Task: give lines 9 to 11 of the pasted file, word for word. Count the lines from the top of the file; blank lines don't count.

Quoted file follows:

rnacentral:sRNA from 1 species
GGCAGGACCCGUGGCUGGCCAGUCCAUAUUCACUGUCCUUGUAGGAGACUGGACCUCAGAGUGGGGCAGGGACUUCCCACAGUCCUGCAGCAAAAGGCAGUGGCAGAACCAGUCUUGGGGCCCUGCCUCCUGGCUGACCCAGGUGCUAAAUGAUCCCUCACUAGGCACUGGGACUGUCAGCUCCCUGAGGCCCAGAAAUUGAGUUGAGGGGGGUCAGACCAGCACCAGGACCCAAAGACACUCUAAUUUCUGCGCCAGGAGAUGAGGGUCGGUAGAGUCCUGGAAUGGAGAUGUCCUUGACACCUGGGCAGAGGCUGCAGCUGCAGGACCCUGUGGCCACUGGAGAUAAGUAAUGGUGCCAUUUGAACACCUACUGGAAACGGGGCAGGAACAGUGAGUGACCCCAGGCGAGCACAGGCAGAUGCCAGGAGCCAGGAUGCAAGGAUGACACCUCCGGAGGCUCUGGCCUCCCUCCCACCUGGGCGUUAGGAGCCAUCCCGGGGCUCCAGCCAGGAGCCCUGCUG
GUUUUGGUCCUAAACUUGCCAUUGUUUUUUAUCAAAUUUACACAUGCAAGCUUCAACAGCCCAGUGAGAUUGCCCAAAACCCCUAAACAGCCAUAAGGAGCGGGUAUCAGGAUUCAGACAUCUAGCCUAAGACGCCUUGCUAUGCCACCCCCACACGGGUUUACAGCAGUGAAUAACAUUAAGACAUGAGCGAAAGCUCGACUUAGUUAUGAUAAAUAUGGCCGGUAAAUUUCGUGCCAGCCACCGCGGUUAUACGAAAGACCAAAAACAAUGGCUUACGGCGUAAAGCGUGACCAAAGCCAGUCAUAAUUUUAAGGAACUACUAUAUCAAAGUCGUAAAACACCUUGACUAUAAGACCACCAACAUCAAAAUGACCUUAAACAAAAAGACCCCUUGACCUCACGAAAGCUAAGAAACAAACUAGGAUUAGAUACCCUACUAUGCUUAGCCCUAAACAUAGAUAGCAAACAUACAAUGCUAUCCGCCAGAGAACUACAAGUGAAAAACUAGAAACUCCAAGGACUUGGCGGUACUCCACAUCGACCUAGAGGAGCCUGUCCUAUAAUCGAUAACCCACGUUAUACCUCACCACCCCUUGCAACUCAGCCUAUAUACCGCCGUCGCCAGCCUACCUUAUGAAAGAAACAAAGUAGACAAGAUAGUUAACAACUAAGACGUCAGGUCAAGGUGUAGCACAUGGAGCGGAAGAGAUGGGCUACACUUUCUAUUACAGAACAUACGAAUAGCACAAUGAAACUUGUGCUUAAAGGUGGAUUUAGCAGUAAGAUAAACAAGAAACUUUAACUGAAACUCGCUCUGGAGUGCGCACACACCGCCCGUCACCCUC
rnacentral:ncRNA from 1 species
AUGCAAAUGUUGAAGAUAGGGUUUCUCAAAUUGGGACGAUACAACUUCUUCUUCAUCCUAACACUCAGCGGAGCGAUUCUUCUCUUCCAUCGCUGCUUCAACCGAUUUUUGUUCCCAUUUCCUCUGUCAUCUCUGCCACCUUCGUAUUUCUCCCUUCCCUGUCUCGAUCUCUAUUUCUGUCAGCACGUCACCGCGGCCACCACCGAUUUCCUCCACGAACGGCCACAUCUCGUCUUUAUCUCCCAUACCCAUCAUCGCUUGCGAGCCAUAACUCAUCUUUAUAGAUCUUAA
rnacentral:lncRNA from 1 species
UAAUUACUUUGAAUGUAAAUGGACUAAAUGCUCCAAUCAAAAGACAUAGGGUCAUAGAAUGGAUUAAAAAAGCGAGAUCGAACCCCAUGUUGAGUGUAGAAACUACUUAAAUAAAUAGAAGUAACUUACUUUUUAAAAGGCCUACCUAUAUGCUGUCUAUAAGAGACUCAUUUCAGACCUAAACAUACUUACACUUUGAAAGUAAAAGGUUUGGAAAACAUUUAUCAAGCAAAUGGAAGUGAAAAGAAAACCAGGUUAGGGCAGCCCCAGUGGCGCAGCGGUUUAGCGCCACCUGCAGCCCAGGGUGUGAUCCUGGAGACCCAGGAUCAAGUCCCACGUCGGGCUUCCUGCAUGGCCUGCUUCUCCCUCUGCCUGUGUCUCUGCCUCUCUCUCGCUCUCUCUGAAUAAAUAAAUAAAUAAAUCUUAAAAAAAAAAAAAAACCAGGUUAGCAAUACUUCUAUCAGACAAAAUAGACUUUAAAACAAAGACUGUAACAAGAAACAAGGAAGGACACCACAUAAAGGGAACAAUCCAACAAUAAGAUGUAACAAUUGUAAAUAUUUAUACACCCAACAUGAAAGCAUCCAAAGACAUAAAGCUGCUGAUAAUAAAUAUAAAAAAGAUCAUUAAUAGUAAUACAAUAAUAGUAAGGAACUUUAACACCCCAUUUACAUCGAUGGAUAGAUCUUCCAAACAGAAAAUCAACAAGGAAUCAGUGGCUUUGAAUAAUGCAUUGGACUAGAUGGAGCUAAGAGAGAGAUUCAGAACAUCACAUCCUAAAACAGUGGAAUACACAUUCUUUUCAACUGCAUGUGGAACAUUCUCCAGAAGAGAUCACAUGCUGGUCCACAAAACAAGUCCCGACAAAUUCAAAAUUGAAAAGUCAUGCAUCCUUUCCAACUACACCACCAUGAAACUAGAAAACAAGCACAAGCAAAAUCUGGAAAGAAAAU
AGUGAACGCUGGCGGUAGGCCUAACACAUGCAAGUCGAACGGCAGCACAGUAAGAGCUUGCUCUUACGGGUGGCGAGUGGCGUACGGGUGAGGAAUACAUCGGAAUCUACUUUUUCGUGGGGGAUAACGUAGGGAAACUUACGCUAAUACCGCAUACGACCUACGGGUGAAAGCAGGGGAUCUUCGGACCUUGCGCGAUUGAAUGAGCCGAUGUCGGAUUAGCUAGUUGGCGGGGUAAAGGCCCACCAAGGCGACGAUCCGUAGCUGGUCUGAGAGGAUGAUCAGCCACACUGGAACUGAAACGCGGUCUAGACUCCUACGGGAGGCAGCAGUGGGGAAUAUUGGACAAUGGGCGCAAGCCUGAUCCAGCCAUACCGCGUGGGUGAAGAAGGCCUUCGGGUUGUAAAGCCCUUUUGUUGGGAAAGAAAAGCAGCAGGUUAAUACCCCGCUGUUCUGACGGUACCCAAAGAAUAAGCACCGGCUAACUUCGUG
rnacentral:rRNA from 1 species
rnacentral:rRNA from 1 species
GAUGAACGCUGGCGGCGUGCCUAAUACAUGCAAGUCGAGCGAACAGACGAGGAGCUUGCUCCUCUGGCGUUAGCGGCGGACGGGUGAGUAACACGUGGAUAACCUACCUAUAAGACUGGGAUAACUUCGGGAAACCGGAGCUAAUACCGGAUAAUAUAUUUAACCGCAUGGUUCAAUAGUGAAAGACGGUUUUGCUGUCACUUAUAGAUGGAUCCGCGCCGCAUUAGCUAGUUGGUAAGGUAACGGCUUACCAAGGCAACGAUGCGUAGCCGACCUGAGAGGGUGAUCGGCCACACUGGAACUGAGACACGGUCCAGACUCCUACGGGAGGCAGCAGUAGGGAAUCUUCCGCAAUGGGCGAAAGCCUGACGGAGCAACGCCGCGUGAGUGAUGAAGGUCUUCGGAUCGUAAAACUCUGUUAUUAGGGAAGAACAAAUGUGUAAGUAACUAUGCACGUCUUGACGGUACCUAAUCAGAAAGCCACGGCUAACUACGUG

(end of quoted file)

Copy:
rnacentral:rRNA from 1 species
rnacentral:rRNA from 1 species
GAUGAACGCUGGCGGCGUGCCUAAUACAUGCAAGUCGAGCGAACAGACGAGGAGCUUGCUCCUCUGGCGUUAGCGGCGGACGGGUGAGUAACACGUGGAUAACCUACCUAUAAGACUGGGAUAACUUCGGGAAACCGGAGCUAAUACCGGAUAAUAUAUUUAACCGCAUGGUUCAAUAGUGAAAGACGGUUUUGCUGUCACUUAUAGAUGGAUCCGCGCCGCAUUAGCUAGUUGGUAAGGUAACGGCUUACCAAGGCAACGAUGCGUAGCCGACCUGAGAGGGUGAUCGGCCACACUGGAACUGAGACACGGUCCAGACUCCUACGGGAGGCAGCAGUAGGGAAUCUUCCGCAAUGGGCGAAAGCCUGACGGAGCAACGCCGCGUGAGUGAUGAAGGUCUUCGGAUCGUAAAACUCUGUUAUUAGGGAAGAACAAAUGUGUAAGUAACUAUGCACGUCUUGACGGUACCUAAUCAGAAAGCCACGGCUAACUACGUG